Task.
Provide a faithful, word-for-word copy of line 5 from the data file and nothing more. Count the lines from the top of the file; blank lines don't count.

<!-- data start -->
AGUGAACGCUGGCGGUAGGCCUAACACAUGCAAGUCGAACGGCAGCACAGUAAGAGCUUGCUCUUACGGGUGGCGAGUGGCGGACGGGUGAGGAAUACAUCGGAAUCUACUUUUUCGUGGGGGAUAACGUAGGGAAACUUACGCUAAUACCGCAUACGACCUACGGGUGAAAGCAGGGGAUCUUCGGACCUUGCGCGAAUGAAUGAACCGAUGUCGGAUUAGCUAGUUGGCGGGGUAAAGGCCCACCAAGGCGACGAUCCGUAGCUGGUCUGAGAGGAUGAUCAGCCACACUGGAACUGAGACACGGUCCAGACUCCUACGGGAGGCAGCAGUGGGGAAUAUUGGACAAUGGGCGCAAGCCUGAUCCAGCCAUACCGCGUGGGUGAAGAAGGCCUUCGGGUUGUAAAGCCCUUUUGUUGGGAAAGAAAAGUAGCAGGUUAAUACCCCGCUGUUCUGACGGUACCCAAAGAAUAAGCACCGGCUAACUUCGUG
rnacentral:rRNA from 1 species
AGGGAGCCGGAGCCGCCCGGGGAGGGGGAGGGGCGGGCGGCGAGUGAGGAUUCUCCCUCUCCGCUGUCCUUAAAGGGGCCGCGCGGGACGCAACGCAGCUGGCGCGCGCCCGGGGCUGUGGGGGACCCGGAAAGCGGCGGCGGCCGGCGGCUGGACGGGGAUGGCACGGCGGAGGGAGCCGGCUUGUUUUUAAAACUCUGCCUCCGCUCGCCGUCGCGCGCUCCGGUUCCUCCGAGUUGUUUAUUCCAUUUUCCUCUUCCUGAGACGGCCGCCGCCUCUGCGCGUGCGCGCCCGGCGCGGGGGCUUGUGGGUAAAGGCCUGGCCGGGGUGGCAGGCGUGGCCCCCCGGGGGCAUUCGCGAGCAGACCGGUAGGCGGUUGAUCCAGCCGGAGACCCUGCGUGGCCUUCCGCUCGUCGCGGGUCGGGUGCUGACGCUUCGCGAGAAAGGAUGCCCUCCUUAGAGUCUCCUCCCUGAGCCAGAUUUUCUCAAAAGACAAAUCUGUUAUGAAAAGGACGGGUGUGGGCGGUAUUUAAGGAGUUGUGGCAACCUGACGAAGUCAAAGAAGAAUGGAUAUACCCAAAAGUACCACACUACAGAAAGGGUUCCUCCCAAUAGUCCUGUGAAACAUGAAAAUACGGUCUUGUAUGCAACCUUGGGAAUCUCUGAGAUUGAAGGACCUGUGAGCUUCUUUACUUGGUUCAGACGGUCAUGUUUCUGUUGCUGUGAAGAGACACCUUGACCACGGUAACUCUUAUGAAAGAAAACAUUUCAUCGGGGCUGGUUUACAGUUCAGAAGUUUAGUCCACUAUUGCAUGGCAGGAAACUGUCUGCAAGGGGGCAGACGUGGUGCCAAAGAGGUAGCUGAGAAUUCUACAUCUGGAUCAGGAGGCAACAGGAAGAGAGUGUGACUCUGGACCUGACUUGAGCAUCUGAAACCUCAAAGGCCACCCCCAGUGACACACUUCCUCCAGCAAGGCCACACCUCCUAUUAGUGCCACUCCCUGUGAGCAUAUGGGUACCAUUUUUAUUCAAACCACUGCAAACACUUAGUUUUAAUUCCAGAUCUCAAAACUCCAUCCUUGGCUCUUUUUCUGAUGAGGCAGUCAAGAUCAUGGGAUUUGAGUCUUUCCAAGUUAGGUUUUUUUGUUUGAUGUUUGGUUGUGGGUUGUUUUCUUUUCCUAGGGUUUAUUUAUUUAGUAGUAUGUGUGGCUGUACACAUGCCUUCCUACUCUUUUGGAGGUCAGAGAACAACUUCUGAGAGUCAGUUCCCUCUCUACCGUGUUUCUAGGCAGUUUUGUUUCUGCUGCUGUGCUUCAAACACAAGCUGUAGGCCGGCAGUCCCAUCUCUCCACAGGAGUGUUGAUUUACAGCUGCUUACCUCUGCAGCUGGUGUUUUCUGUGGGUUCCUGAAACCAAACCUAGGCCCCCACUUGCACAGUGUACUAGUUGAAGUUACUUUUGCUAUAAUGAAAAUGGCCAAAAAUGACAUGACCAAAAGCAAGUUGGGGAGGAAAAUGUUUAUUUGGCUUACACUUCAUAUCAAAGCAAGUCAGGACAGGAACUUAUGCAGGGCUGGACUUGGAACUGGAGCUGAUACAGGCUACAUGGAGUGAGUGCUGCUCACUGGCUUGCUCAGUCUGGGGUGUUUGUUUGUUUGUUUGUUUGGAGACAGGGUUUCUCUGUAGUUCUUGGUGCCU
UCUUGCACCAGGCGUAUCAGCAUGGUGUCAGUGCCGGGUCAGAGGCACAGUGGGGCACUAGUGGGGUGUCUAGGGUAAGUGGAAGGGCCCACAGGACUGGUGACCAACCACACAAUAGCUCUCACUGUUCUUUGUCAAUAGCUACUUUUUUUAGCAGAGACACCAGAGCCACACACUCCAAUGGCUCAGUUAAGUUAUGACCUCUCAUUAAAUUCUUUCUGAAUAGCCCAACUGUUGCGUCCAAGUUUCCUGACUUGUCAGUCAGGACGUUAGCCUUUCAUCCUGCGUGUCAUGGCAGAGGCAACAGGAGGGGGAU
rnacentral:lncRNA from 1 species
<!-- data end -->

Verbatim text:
rnacentral:lncRNA from 1 species